Autistic history is a huge project, and we’re only now getting started.
There is no single history of the autistic community, just as there cannot be a single history of women or LGBTQ people. But—if I can be a total history geek for a moment—that makes the work to be done all the more exciting. If you have any interest in this at all, start joining in this work.
Now I have to provide a few cautionary warnings. It can be tempting to believe that history is an upwards trajectory, with things always getting better and better. Historians call this the “Whiggish view of history.”
Yet the Whiggish view of history oftentimes is not supported by evidence, as I’ve learned in my own studies of the history of women’s medical education in the U.S. Sometimes there are dips and regressions. Sometimes people of the past were more progressive than we give them credit for. Sometimes age-old oppressions are actually newer than we think.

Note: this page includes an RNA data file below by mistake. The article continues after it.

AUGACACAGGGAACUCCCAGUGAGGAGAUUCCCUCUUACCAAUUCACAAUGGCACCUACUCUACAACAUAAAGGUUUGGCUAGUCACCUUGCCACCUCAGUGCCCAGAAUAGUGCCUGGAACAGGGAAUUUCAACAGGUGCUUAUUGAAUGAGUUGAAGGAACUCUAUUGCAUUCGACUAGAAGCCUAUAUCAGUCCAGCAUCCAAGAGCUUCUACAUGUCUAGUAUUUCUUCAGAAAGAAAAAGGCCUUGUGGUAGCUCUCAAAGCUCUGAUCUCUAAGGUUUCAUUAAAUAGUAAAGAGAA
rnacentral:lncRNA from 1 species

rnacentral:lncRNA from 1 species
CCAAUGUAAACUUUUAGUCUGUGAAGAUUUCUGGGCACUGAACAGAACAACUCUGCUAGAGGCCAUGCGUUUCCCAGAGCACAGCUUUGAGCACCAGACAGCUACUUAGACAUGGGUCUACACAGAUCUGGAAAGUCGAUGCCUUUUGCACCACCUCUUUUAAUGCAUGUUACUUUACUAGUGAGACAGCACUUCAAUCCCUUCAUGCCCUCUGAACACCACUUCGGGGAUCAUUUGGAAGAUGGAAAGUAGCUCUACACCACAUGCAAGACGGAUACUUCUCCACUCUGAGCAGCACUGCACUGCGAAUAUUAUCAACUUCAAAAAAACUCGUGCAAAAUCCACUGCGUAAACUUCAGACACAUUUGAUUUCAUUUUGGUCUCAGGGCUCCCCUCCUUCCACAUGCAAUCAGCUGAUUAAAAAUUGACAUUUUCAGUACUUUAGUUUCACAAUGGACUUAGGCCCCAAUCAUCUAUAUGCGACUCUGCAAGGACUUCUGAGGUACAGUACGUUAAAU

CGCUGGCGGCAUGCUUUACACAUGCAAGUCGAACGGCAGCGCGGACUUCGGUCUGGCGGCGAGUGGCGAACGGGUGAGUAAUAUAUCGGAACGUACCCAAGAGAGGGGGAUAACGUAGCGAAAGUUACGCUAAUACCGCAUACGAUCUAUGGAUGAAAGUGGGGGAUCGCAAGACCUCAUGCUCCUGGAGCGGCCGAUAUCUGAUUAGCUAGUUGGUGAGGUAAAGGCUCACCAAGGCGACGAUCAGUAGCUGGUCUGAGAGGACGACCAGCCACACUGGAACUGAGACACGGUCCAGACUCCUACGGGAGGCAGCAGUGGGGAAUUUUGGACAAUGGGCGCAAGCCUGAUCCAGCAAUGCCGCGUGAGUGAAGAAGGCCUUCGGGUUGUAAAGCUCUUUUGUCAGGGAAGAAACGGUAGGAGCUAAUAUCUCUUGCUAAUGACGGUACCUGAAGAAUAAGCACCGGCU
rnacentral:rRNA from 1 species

This is sobering news. While the past ten years has been a period of progress for the autistic community, I fear that we may be heading into a period of regression. As so many others have said, the election of Donald Trump to the presidency is looking to be disastrous for people with disabilities. Like many of you, I am concerned about the months and years to come.
History tells us that civil rights are never a done deal. We have to work continually to uphold them.
But I hope that history can also provide hope. We are not the first generation of disabled people to face an ableist state and rollbacks of progress. By looking to the past, we can find a way forward during these turbulent times.
Kit Mead is the current admin of the Autistic History Month blog. They are a queer, Autistic disability rights advocate who also has mental health disabilities. Kit’s work on disability, queerness, and mental health has appeared in QDA: A Queer Disability Anthology, Luna Luna Magazine, The Establishment, and The Deaf Poets Society. Kit also writes at their blog, Paginated Thoughts.
Sarah Pripas-Kapit is a freelance writer and editor with longstanding involvement in the autistic community. She holds a PhD in History from the University of California, Los Angeles, where she worked on the international history of women’s medical education. Her work has appeared in Gender & History and Great Plains Quarterly.